2011 Off Season Free Agents

by on February 28, 2011   8 Comments

Money has a funny way of inspiring people to perform even better than expected. This is true in several career paths and certainly doesn’t exclude baseball. In baseball, the money up for grabs is anywhere from the league minimum of $400,000 to the $27.5 million Alex Rodriguez of the New York Yankees makes annually. Salaries are based on a combination of what a player has done and what is reasonable to expect he can do. Top performers in their mid- to late twenties and early thirties are those who can expect the big bucks. Players can either sign a contract extension with their current team or they can wait until their contract expires and they become a free agent. Both scenarios have pros and cons.

As far as a contract extension goes, it is guaranteed money, and who doesn’t like job security? Baseball is a gruelling sport and every player is one injury away from seeing his career end. With a long-term contract, even if the unthinkable happens, the injured player still gets paid. Free agency, on the other hand, usually means a lot more money. It can also be a strong motivator for good players to have great seasons. (Adrian Beltre’s 2004 and 2010 seasons anyone?)

What happens when the best hitter in the game—without a doubt currently, perhaps even all-time—has a contract year? We are about to find out. Albert Pujols, St. Louis’ first baseman, is no longer in contract negotiations with the Cards because he doesn’t want to distract himself or the team from getting ready for the 2011 season. As a result, the 31-year-old Pujols could have additional motivation to perform in the upcoming season. Just to note, Pujols has never hit 50 homeruns in a season (although he did slug 49 in 2006), he has never driven in 140 runs (once again in 2006 he drove in 137) he has never had an average of .360 (he hit .359 in 2003) and he has never scored 140 runs (in 2003 he scored 137).

A true career year for Pujols would be nothing short of legendary. A line of 140 runs, with 50 homeruns, 140 runs batted in and a .360 average would be next to impossible. In fact, it would be unreasonable to expect any player to reach one of those plateaus. Yet the only one of those categories Pujols hasn’t come within a stones throw of more than once is the 140 runs. His second best season (2004) he only scored 133. Even Albert’s 162 game average—123 runs scored, 42 home runs, 128 rbis and a .331 average—will scare every pitcher who has ever played the game. This is a career year for most players.

It really doesn’t matter how good a season Pujols has. Teams know what he is capable of and a bad season shouldn’t diminish the pay day he will receive. I hate to say he deserves over $30 million dollars—it is hard to say anyone deserves that much to play a game—but he does deserve to be paid like the best player in the game. That means $27.5 million per season very well could be a starting point. Unfortunately for Pujols, the teams most often spending the big bucks, the New York Yankees, Boston Red Sox and Philadelphia Phillies, already have their first baggers—Mark Teixeira, Adrian Gonzalez and Ryan Howard—locked up for several seasons. That leaves the Chicago Cubs as the top team willing to spend stupid amounts of money on a player, as well as any surprise team that may drool at the prospect of locking up the best player in the game long term.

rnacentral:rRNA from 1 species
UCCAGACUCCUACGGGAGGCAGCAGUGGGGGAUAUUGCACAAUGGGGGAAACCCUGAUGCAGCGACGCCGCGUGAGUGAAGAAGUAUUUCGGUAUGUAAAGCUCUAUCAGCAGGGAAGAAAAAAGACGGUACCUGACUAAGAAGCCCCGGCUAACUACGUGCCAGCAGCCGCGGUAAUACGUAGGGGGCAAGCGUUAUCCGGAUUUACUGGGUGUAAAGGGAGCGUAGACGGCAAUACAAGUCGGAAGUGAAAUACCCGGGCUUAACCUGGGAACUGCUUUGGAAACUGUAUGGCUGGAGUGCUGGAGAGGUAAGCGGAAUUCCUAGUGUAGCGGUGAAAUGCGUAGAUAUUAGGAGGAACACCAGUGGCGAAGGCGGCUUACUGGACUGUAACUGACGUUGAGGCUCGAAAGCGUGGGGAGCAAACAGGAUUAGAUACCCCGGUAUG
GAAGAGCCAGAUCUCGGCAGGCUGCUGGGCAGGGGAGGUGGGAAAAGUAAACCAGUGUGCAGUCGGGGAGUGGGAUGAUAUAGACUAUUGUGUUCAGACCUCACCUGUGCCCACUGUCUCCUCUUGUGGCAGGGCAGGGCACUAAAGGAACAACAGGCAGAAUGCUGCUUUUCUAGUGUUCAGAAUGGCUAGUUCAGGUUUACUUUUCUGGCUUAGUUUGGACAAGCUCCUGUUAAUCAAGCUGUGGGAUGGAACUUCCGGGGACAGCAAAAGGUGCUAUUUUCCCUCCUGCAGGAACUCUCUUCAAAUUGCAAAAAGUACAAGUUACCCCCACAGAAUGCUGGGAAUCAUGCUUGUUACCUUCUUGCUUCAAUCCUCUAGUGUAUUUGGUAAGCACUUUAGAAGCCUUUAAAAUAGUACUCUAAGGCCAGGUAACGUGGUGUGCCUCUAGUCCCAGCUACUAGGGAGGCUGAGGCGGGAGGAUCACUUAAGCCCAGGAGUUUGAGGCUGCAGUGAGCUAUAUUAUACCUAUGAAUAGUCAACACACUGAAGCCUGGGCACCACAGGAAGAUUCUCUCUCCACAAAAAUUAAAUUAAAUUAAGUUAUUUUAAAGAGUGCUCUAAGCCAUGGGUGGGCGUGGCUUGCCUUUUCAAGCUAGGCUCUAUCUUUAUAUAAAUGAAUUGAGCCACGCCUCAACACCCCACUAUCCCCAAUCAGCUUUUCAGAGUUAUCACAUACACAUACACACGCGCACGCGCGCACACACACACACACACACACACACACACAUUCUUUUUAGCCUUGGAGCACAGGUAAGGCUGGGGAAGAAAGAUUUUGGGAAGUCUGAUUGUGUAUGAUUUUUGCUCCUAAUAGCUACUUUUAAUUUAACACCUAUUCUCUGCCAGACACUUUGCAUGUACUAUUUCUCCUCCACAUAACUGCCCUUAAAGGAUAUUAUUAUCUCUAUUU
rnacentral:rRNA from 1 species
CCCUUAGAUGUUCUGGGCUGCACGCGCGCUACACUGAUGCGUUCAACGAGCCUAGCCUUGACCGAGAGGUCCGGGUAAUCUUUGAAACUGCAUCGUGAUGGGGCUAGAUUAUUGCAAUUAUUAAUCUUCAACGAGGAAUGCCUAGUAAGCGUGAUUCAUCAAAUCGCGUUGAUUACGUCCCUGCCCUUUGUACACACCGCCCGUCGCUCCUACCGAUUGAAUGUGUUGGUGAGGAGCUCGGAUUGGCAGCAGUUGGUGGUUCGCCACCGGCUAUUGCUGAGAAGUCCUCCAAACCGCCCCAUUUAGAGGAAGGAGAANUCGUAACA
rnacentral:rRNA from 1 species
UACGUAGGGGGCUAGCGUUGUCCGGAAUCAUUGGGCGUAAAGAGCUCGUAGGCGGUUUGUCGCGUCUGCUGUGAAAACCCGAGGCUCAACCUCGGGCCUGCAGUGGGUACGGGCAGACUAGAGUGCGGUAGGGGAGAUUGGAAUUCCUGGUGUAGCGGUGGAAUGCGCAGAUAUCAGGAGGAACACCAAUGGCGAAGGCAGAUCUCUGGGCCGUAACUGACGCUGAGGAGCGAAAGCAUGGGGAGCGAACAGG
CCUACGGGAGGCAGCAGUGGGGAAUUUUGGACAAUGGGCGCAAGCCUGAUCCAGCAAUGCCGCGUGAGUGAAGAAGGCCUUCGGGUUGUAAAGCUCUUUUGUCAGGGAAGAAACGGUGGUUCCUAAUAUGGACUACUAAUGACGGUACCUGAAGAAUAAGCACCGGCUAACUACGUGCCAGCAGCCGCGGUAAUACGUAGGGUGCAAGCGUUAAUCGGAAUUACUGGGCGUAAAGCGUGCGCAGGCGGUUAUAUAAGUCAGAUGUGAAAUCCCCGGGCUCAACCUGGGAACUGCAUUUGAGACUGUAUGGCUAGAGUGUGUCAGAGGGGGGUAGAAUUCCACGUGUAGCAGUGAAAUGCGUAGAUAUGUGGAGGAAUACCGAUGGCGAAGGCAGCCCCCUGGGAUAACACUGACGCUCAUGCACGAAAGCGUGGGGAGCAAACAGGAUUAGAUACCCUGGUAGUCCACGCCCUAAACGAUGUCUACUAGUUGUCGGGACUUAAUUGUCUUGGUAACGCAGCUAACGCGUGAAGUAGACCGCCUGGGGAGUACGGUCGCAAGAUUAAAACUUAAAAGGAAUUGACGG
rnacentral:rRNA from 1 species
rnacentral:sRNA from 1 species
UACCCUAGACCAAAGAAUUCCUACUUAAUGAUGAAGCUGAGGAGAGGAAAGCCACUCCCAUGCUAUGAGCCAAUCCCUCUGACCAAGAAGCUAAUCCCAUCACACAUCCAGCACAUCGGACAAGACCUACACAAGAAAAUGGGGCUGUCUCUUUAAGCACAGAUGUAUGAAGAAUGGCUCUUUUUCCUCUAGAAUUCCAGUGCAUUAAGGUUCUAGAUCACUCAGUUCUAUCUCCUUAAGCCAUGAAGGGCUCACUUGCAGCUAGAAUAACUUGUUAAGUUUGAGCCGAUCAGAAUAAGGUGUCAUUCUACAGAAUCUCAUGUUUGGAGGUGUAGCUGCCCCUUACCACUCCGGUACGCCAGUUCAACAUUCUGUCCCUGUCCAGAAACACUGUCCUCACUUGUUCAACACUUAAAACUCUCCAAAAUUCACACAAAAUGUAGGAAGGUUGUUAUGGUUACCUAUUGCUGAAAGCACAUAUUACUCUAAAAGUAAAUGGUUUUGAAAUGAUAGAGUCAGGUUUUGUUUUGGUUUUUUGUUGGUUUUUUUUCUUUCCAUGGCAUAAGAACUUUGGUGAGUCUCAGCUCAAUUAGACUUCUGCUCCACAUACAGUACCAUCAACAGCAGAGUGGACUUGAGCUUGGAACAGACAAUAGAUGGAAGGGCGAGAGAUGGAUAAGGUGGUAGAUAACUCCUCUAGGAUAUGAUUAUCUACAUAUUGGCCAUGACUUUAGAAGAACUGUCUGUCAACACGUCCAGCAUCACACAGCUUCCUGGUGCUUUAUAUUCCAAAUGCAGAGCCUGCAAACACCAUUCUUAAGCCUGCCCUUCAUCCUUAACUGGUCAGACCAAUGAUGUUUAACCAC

To make next season’s free agent first baseman market even more interesting, Milwaukee Brewer’s slugger Prince Fielder also hits the open market. The season he has coming up should impact the contract he gets more so than Pujols. Prince may also reap the benefits of a team missing out on Pujols, a team falling back on him as a secondary option. Fielder’s numbers do not compare with those of Pujols, but they do compare nicely to some of the other top paid players in the game such as Ryan Howard, Joe Mauer, Mark Teixeira and Carl Crawford. At 26, this season will also help establish what Fielder’s ceiling is and what can be expected of him as he enters the prime of his career. If he can hit 50 homeruns and drive in 119 runs like he did in 2007 then he could see around $20 million per season for 5 or more years.

Author: Andy Weiler
Categories: Major League Baseball (MLB)
Tags: , , , , , , ,


  1. With the short porch in right, maybe the Yankees make a play for Prince to be a full-time DH? Probably not likely, but I bet it crossed their minds in the Bronx. If the BoSox hadn’t gotten Gonzo they probably would have robbed a bank to pay Pujols.

    Comment by Jason Wuerfel
    March 1, 2011 at 11:38 am

  2. It will be interesting to see what happens with the Yankees and Red Sox not in need of 1B or DH. The Yankees could jump for Fielder but I don’t really see it happening. It would be good for baseball to see those guys go to mid-market teams. Predictions on where Pujols ends up anyone? I think he will end up back in St. Louis.

    Comment by Eric Somsel
    March 2, 2011 at 11:37 am

  3. I don’t think St. Louis can let him walk and Albert is going to want to stay put – can other big money teams make a bid? You betcha – but at the end of the day Albert just wants to stretch it out to make sure St. Louis doesn’t skimp him on what he’s due, and what he is due is partial ownership. The man is the beginning and ending of the Cardinals franchise these days, everyone else can come and go.

    Comment by Jason Wuerfel
    March 2, 2011 at 11:23 pm